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Cats from Beyond! Tales of Feline Aliens, Ghosts, and Beasts

Kitty extraterrestrials? A D.C. demon? A U.K. feline "bigfoot"? Here are three from the outer limits.

 |  Sep 6th 2012  |   0 Contributions


Our feline friends have been the subject of superstition for millennia. Black cats are regarded as omens of bad luck to this day, no doubt the result of a centuries-long disinformation campaign waged by a dog-biased secret society. This wasn’t always the case: In Ancient Egypt, black cats were venerated, while the Norse goddess of fertility traveled in a chariot conveyed by two mighty black cats.

But beyond these superstitions, there’s a deep well of contemporary paranormal lore about otherworldly cats possessing uncanny powers. Here are some of the most fascinating and outrageous.

They Came From Planet Whisker

Toonces, the Cat Who Could Drive a Car on SNL, might not be the only feline to pilot a craft on a wild ride. On March 1, 2011, Siberian air traffic controllers reported a “high speed UFO” traveling 6,000 mph over the frigid city of Yakutsk. Allegedly, communication with a Russian airliner was interrupted by transmissions from the mystery craft, from which emitted “some female voice, as if a woman was saying miaow-miaow all the time,” according to a report in the Daily Mail.

Was the ship helmed by feline-fluent aliens returning to communicate with the whiskered companions they brought to Earth centuries before? A space-faring race of highly evolved cats? Or was it military test-craft pilots having a laugh at the expense of some earthbound Russians? Or perhaps simply the hallucination of exhausted air traffic controllers consigned to remote Siberia? Judge for yourself.

Britain’s “Alien” Big Cats

Great cats: native to Africa, the Middle East, the Americas, and ... Great Britain? That’s the claim of cryptozoologists who point to decades of anecdotal reports of large-cat sightings by frightened Brits out for a stroll on the common green -- including recent (and recently debunked) sightings of the "Essex Lion." Most notorious is the feared Beast of Bodmin Moor, a phantom feline said to resemble a panther, which garnered plenty of ink from the British tabloids during the 1980s. An investigation in 1995 by the Ministry of Agriculture, Fisheries and Food found “no verifiable evidence” of such a creature, which included a dubiously identified skull.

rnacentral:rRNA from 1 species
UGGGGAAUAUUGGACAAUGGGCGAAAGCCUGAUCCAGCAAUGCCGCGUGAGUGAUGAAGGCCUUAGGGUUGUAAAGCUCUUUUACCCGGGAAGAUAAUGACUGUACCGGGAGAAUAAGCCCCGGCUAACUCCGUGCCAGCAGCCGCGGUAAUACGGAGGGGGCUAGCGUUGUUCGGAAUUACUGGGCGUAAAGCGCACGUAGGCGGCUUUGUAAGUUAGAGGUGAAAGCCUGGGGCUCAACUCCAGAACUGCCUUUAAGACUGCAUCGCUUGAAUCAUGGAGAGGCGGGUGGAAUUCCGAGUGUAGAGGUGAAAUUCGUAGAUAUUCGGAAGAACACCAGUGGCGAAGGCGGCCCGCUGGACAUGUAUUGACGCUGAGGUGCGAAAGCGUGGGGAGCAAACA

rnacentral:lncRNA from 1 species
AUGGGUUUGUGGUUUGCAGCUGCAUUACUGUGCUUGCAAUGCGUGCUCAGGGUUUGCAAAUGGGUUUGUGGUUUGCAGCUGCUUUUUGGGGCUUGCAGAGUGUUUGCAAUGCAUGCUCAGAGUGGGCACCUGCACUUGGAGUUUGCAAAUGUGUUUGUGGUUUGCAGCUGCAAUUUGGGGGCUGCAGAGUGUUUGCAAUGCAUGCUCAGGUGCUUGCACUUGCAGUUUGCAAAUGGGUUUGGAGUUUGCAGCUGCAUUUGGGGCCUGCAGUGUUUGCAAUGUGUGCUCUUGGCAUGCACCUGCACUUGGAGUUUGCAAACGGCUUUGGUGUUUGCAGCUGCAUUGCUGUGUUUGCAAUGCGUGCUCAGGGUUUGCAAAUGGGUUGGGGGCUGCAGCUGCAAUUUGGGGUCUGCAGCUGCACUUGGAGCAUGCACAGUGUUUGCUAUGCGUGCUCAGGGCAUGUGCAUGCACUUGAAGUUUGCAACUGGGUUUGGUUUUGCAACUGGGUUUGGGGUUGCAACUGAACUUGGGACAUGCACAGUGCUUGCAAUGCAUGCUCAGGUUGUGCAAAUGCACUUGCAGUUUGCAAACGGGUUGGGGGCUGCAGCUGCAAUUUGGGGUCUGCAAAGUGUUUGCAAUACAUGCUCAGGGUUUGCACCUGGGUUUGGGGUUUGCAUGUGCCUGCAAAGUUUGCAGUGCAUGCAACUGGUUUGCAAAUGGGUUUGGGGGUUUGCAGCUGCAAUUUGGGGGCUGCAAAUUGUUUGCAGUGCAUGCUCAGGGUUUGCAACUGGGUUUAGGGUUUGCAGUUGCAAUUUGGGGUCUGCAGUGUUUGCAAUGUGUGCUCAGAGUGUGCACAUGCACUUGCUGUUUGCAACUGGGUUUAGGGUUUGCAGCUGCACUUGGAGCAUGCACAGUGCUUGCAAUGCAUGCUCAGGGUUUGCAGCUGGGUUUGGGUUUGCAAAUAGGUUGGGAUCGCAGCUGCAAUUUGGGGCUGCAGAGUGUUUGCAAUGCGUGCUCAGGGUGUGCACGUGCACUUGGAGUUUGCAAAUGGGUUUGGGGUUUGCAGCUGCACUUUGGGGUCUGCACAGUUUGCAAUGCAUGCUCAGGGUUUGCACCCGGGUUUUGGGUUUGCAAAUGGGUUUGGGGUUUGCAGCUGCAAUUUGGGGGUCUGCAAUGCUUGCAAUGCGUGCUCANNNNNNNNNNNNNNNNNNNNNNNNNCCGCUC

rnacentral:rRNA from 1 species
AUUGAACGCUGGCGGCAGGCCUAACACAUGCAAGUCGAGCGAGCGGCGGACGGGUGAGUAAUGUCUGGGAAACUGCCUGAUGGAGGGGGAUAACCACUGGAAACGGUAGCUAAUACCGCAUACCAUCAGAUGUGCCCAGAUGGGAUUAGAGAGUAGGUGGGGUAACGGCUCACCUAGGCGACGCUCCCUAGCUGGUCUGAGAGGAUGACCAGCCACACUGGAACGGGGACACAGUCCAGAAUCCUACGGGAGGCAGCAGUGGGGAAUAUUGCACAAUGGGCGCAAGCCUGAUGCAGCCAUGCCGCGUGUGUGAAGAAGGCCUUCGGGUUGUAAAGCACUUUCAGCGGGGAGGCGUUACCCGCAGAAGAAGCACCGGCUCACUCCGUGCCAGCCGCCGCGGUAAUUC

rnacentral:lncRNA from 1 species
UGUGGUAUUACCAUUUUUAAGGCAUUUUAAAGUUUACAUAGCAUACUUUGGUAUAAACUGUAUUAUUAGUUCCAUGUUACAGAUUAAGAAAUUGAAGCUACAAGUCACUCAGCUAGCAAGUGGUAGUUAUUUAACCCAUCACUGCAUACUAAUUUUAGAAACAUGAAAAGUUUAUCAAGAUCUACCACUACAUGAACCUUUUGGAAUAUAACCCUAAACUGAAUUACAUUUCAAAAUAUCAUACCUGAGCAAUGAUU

The Beast of Bodmin

Regardless, sightings persist and are collected by the research group Big Cats in Britain. In 2009, the Forestry Commission stated that reports of big cats in Gloucestershire were “reliable.” And while one could surmise that these giant felines are materializing from the same transdimensional portal that brought us Nessie, the more likely explanation is that Britain’s big-cat sightings are known species that have escaped from captivity.

The “Demon Cat” of Washington, D.C.

The occult lore of Washington, D.C., is so extensive that the tales could fill a wing in the National Archives, or at least a third History Channel spinoff. Examples include deceased politicians roaming the halls of White House and Congress, and secret Masonic symbolism hiding unknown treasure or conferring mystical or even satanic power to shadowy power brokers. White House residents including Hilary Clinton, Harry Truman, and (ahem) Jenna Bush have claimed or alluded to ghost sightings in the executive mansion.

Has President Obama seen the Demon Cat? Photo illustration by Paul M. Davis

Fittingly, the nation’s capital is not without its own tales of paranormal cats. The “Demon Cat” of D.C. is a ghostly specter that, as legend has it, materialized before the killings of John F. Kennedy and Abraham Lincoln. According to D.C. lore, the “Demon Cat” materializes as a harmless kitten before enlarging in size and menace, like a feral stray let loose in a Fancy Feast factory.

Origin stories for the feline wraith are as numerous as D.C.-centric conspiracy theories, but it’s probably a mix of superstition, the oft-intoxicated Capitol Police force of the 19th and early-20th century, and the early practice of bringing cats into the basements of D.C. buildings to dispense with rats.

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